Opinion: Let’s properly understand ‘stop and frisk’
Mike Restaino misunderstands the law regarding “stop and frisk” and its role in a 2013 US District Court case in New York. Mr. Restaino states in his Out of the Blue opinion piece dated September 29 and titled, “Democrats: Don’t Panic” that, “This act was deemed unconstitutional in 2013 …”
This statement is false.
The United States Supreme Court upheld the “stop and frisk” procedure in 1968 in the landmark case of Terry v. Ohio. A “stop” involves the temporary detention of an individual when an officer has reasonable suspicion to believe he is engaged in criminal activity; a “frisk” involves a pat down when an officer has reasonable suspicion to believe he is armed and dangerous. These acts occur prior to an officer having probable cause to arrest a suspect. “Stop and frisk” is an invaluable investigative tool used to prevent crime.
As stated more eloquently by US Supreme Court Chief Justice Earl Warren, “ … we cannot blind ourselves to the need for law enforcement officers to protect themselves and other prospective victims of violence in situations where they may lack probable cause for an arrest. When an officer is justified in believing that the individual whose suspicious behavior he is investigating at close range is armed and presently dangerous to the officer or to others, it would appear to be clearly unreasonable to deny the officer the power to take necessary measures to determine whether the person is in fact carrying a weapon and to neutralize the threat of physical harm.”
In 2013, US District Court Judge Shira Scheindlin held that New York’s “stop-and-frisk” strategy focused too heavily on black and Hispanic individuals and was carried out too often without reasonable suspicion. Consequently, she ruled that New York’s stop-and-frisk policy was unconstitutional “as applied.”
She specifically stated she was not ordering New York officers to end stop-and-frisk, but instead, ordered the city’s police to reform their training and policing procedures to ensure officers do not engage in racial profiling when determining who to detain.
Interestingly, and somewhat oddly, the Court of Appeals for the Second District halted the reforms she ordered, remanded the case to a lower court for further review and removed her from the case.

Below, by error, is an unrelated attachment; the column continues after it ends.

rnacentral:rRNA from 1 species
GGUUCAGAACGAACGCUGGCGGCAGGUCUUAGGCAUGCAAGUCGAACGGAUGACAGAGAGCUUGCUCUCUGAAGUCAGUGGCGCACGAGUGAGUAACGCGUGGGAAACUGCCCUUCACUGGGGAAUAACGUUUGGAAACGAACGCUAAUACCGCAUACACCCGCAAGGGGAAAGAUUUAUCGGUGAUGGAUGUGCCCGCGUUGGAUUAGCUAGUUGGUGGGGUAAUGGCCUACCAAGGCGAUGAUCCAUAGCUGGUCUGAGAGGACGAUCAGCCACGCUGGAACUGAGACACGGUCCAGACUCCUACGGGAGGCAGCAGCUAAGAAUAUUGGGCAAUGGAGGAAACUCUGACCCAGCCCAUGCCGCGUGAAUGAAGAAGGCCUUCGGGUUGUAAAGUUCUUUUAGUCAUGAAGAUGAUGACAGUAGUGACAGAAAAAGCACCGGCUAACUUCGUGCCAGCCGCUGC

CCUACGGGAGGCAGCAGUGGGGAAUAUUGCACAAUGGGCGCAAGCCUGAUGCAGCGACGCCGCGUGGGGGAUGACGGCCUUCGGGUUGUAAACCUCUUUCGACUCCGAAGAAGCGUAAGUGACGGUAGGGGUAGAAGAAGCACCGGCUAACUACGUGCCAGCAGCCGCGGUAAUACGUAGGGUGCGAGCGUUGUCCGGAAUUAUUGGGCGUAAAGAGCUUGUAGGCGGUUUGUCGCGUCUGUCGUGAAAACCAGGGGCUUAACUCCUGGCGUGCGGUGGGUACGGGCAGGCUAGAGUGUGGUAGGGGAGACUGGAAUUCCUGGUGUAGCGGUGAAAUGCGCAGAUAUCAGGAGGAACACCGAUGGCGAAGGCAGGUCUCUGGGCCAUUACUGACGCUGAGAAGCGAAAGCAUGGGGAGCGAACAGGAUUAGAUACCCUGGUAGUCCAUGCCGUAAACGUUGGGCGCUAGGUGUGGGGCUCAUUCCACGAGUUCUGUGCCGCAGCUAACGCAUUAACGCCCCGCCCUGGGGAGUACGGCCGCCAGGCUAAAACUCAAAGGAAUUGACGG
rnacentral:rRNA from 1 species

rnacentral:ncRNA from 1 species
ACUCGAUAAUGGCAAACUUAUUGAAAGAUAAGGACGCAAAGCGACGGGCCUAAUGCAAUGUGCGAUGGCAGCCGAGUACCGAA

What needs to be understood is the importance of the “stop and frisk” procedure in preventing crime. It is a crucial investigative strategy.
Following are two examples of its common use. First, when an officer observes an individual, wearing dark clothing, with a mask over his head, at 2 a.m., casing a home in a neighborhood which has recently experienced a string of robberies, he may temporarily detain or “stop” the individual to determine if the individual is involved in criminal activity. If he notices what appears to be a weapon in the individual’s pocket, he may pat him down or “frisk” him to confirm or dispel his suspicion.
Second, when an officer stops a person who is driving too slowly, without his lights on at night, and has slurred speech, he may temporarily detain or “stop” the person to request that he submit to a few field sobriety tests.
The important point to remember is that the without the ability to “stop” or “frisk” an individual and investigate suspicious circumstances, an officer must wait until he has probable cause to believe a crime has already been committed before he can act. So, the question you must ask is: Do I want to live in a world in which an officer must wait for the robber to break into my home, the driver to hit me head on, or a child
molester to abduct my child, before the officer can intervene?
“Stop and frisk” is not just an effective form of crime prevention when applied lawfully, it is a necessary and critical one. To view otherwise, indicates a misunderstanding of “stop and frisk.”
Please note, officers may not lawfully stop a person without reasonable, articulable suspicion to believe criminal activity is occurring under Terry v. Ohio. To do so would be a violation of that person’s constitutional rights under the Fourth Amendment.
Jennifer Suter, Esq., is an Incline Village resident and attorney.
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